My dog, Baby, is a Bluetick Coonhound mix, and at well over 3 years old, she seems to have lost none of her puppy energy. Most days, I’ll take her for a 3-mile hike so that both of us can get some exercise. Well, I say “hike.” Usually, I’m either encouraging her to move forward, since she stops every 5 feet to investigate an interesting scent, or bracing myself to prevent her from giving chase to a nearby squirrel. By the time we get home, I’m worn out. This is usually when she gets the zoomies or starts frapping.
Wait, I can hear you saying, frapping? Zoomies? The lingo sounds strange. Zoomies evokes illicit narcotics from comic books or science fiction movies. Frapping makes it sound like my dog has started performing French hip-hop. For a more accurate notion, let me conclude my story a different way. It’s after 3 miles of uneven terrain with a powerful and physical dog that Baby decides she wants to wrestle, play tug of war or just race repeatedly around the backyard. Does that sound more familiar and relatable?
My dog has a case of the zoomies!
The more sophisticated our understanding of dog behaviors become, the more that homespun colloquialisms pass into obscurity. Have you ever seen the British television series All Creatures Great and Small, based on the works of James Herriot? If so, you’ll remember Mrs. Pumphrey’s Pekingese, Tricky-Woo, frequently came down with “Flop Bott.” These days, vets call the condition “impacted anal glands;” it may be less colorful, but it has the advantage of being far more accurate.
In Baby’s case, and probably that of millions of other dogs, a case of the zoomies has also had some of its charm stripped away with the march of progress. Canine behavior specialists and trainers have come to give these seemingly unaccountable bursts of dog energy a scientific-sounding name: frenetic random activity periods, or FRAP episodes. Unlike Tricky-Woo’s recurrent anal sac problem, though, dog zoomies are not a medical issue, but a behavioral one.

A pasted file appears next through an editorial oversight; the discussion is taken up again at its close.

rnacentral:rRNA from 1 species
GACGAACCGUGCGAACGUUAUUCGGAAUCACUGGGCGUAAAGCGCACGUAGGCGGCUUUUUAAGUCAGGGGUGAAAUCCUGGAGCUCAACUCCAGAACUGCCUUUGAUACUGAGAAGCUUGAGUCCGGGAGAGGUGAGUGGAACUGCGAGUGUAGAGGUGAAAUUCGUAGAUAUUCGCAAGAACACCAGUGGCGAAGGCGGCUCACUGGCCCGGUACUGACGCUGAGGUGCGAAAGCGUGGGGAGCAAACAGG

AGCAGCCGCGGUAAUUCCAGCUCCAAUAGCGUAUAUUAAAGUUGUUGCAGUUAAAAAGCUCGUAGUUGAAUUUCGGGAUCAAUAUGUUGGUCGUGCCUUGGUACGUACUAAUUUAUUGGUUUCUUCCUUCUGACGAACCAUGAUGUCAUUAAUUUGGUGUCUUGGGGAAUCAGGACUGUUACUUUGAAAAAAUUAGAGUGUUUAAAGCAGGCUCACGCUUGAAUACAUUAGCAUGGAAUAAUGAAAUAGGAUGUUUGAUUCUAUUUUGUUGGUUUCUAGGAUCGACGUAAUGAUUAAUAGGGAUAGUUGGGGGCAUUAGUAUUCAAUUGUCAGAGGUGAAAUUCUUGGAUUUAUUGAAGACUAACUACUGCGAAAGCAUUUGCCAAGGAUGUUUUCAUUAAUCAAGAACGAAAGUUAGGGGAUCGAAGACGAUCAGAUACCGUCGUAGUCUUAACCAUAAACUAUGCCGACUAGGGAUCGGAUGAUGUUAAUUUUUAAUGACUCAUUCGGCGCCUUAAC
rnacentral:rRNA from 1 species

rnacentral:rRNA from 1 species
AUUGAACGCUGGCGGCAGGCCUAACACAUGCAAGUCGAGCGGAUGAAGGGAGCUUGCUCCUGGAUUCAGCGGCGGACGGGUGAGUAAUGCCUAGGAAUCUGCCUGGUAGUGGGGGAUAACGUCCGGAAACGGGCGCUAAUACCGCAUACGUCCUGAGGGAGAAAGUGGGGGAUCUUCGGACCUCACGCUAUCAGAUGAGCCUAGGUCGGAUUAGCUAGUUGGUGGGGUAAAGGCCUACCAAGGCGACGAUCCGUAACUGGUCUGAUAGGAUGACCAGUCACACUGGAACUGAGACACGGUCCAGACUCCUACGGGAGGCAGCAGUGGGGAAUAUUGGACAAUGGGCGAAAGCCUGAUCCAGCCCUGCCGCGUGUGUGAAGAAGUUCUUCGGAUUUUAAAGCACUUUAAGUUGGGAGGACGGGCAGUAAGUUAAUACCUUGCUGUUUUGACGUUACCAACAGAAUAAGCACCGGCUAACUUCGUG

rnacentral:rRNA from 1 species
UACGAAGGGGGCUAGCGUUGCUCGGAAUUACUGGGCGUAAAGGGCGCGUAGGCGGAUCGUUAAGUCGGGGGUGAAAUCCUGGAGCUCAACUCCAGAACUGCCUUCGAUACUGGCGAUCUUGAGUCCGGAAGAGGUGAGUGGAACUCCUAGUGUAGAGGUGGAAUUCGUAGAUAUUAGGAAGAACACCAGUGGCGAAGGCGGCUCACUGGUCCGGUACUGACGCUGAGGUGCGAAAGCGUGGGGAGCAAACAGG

What is frapping?
The pseudo-technical term “Frenetic Random Activity Period” doesn’t appear much in the literature of dog behaviors until after 2000. In the last few years, it’s become ubiquitous; so much so, that now we appear to have come full circle in our nomenclature. The acronym FRAP has given way to “frap” and “frapping,” both of which are more difficult to parse than “zoomies.” Enough etymology! What does it all mean? Is it something that dog owners should worry about? Are there practical solutions?
The most typical examples of frapping will be immediately recognizable to a large population of dog owners. Have you ever heard yourself exasperatedly utter any of the following questions?
- Why do dogs suddenly run around the house like crazy?
- Why do dogs go crazy after a bath?
- Why does my dog go crazy after a walk?
Actually, if you’ve ever attributed the word “crazy” to some pattern of canine physical activity — running, racing, jumping, rolling around or even moments of playful aggression — then you’ve got a frapping dog or puppy. Two of the three activities in our list, though, give the lie to the “random” in FRAP. Whether it’s a mischievous puppy or a sedentary adult dog, there’s very little that’s random about the zoomies. Let’s look at each scenario in turn.
Why do dogs get zoomies in the house?
Unless your dog is an inveterate couch potato, dogs are kinetic creatures by their nature. They need to move and despise all manner of restrictions on their mobility. Dog owners can train them to accept many circumstances that inhibit their freedom of movement, whether it’s a space as large as a house or as small as a crate. A dog will wait in your living room until you return from work or school, but they’d almost always be outdoors, running here and there. Dogs need to move.